Advice

Miss Information

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Want to play Miss Info for a day?
Send an email to erin@nerve.com with a response (500 words or fewer) to the question at the end of this week’s column.
Next week I’ll post the winners.

1st prize: One membership to Nerve Premium.

2nd prize: Two tickets to New York City’s Museum of Sex.*

3rd prize: Strip Jointz — A whole album’s worth of music to get naked to.
All entries must be submitted by 9:00 p.m. on Monday, June 9th. Good luck!
*You can substitute another prize if you live out-of-state.


Dear Miss Information,
There’s this girl I used to work with years ago. We’ve stayed friends and remain in occasional contact. She emailed me yesterday, because she needs help with something. She’s seeing a therapist, and the therapist gave her an assignment: go ask your closest male friend what he thinks about you and your interactions with guys. Ask him what he thinks your flaws are in social settings, and how he thinks you measure up as far as attractiveness, intelligence, fun, approachability, etc. in the eyes of a typical guy. So, she asks me this, and says, "I swear I won’t be angry about anything you say." But at the same time, one of the things I’d have to say is, "You react too strongly to criticism, especially criticism you directly ask for." How would you handle this, in a similar situation? — Staring Down The Barrel


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Dear Staring Down the Barrel,
You’re one person, with one opinion, and you’re supposed to speak for all men? What a bummer of an assignment. What we need to do is find that critical balance — between delivering feedback that’s honest enough that you don’t feel like you’re doing your friend (or perhaps more important, the dating world) a disservice — and firing up the old honesty grill and serving up a picnic’s worth of skewering character jabs to her lower intestine. (All of a sudden this column’s turned into The Ethicist.)
If it were me, I would give her a modified version of what she’s asking. The stuff about not taking criticism? Don’t make that your leader. Do like we do at my advertising gig — start and end with the good and sandwich the icky bits in the middle. (Speaking of food, here’s another advertising trick — buy her lunch or a couple brewskis. Bad news always goes better with free booze and edibles). Be prepared to come up with specific instances and examples, but you’ll probably want to stop short of storyboards and a PowerPoint presentation. Best of luck, friend.
 

Dear Miss Information,
I’m in a new relationship with a guy I’m really into. I know he’s really into me because he gets all mushy all the time about how much he cares for me. He expects me to reciprocate with equal amounts of mushy talk, but I just can’t do it. I’ve never been the kind of person to be able to put my feelings (love-y and mushy or otherwise) into words. He keeps asking me to tell him all my feelings, saying he feels like I don’t trust him since I can’t open up. I try, but I feel like I’m just repeating what he’s already said. I don’t know who’s at fault — him for pressuring me to get all "feelings" on him, or me for not being able to get all "feelings." How can I tell him to back off a little on all the mushy-gushy talk? Or maybe help him understand that I simply don’t get that way? Inexpressive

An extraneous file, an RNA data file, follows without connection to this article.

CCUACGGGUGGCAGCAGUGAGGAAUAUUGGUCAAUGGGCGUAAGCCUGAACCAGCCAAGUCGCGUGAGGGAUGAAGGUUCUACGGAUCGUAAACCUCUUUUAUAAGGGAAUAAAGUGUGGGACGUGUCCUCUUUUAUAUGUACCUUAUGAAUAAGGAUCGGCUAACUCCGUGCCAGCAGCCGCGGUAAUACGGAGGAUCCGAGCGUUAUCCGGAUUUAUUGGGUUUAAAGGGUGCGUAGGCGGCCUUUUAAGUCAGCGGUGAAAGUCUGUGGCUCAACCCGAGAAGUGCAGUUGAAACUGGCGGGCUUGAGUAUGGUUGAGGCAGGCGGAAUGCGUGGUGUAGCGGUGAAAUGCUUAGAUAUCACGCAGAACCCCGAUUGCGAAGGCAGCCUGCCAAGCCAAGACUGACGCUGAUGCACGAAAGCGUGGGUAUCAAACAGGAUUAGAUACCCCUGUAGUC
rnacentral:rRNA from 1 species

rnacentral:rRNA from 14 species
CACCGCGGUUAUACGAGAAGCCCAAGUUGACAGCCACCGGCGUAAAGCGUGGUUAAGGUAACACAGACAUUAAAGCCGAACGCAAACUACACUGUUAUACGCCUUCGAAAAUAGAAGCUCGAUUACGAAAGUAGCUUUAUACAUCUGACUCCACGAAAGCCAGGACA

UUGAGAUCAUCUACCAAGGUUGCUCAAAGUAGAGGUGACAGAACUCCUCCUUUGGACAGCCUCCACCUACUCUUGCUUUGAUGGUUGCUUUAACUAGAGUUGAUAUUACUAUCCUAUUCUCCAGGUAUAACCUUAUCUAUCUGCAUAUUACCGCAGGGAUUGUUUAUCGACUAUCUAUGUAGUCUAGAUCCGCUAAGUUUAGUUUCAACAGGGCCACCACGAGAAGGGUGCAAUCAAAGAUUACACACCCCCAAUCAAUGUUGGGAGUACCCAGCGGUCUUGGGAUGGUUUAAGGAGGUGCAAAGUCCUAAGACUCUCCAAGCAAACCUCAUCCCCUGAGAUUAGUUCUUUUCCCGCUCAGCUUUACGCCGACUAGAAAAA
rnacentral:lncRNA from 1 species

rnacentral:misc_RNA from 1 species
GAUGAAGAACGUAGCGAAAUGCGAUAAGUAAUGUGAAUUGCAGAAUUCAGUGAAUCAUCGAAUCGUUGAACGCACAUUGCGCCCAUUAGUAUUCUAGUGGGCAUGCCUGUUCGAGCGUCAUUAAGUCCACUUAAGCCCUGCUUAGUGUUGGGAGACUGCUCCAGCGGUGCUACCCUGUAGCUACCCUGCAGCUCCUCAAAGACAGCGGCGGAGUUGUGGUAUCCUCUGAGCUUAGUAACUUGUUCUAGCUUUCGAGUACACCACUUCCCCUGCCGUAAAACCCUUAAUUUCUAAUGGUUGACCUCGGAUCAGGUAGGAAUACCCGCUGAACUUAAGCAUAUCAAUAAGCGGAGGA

Dear Inexpressive,
When people ask for mushy-gushy they’re not necessarily going after words. They’re going after feelings. Their own, to be more specific. They want reassurance that the objection of their affection likes them — or even better, loves them — a whole mess. This knowledge makes them feel special, safe and secure. (I know that was a lot of marshmallow to sift through. Here’s a Joan Jett chaser.)
You’re in luck, Inexpressive, because you can communicate that same sentiment in a number of non-verbal ways: surprise car washes, bear hugs, volunteering to see that super-shitty movie he’s excited about and making it through the whole 137 minutes and previews without a single wiseass remark or complaint.
Before you go crazy with the cookiegrams and blowjobs, I want to warn you about something. There’s a difference between being inexpressive because you’re bad at it and being inexpressive because your feelings for the other individual are weak, non-existent, or waning. It’s common for people to convince themselves that they’re "just not that type." It relieves you from the spooky grunt work of facing your feelings and having awkward status talks — the kind of activity that can lead to a breakup.
I know the following sounds like it’s ripped from the Big Book of Advice Columnist Cop-Outs, but you’re really the only person who can decide that. If you’re still uncertain about how you feel — and I’d be surprised if you weren’t — I think you’ll get your answer anyway. If you’re really into him, you’ll keep trying and trying to get better. If he’s really into you, he’ll recognize your efforts for what they are and try to be more patient. You’re coming from different places — old high-school war wounds, recent relationships, your parents’ marriages. How well you can get away from the "my way is right, your way sucks" mindset will be a good indicator of whether or not you’ll make it.


"Miss Info for a Day" Question:
Dear Miss Information,
I’m a young female professor and I’ve gotten utterly obsessed with one of my students. I find myself Google-stalking this twenty-two-year-old man, fantasizing about him during the day, and — I admit — dreaming vividly of him at night. I don’t think it’s just the intoxication of my own authority: I’ve been teaching for some time and, though I could note the attractiveness of certain students, I was never sexually overwhelmed like this. How do I get past this embarrassing juvenile obsession? — Dirty Young Woman


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©2008 Erin Bradley and Nerve.com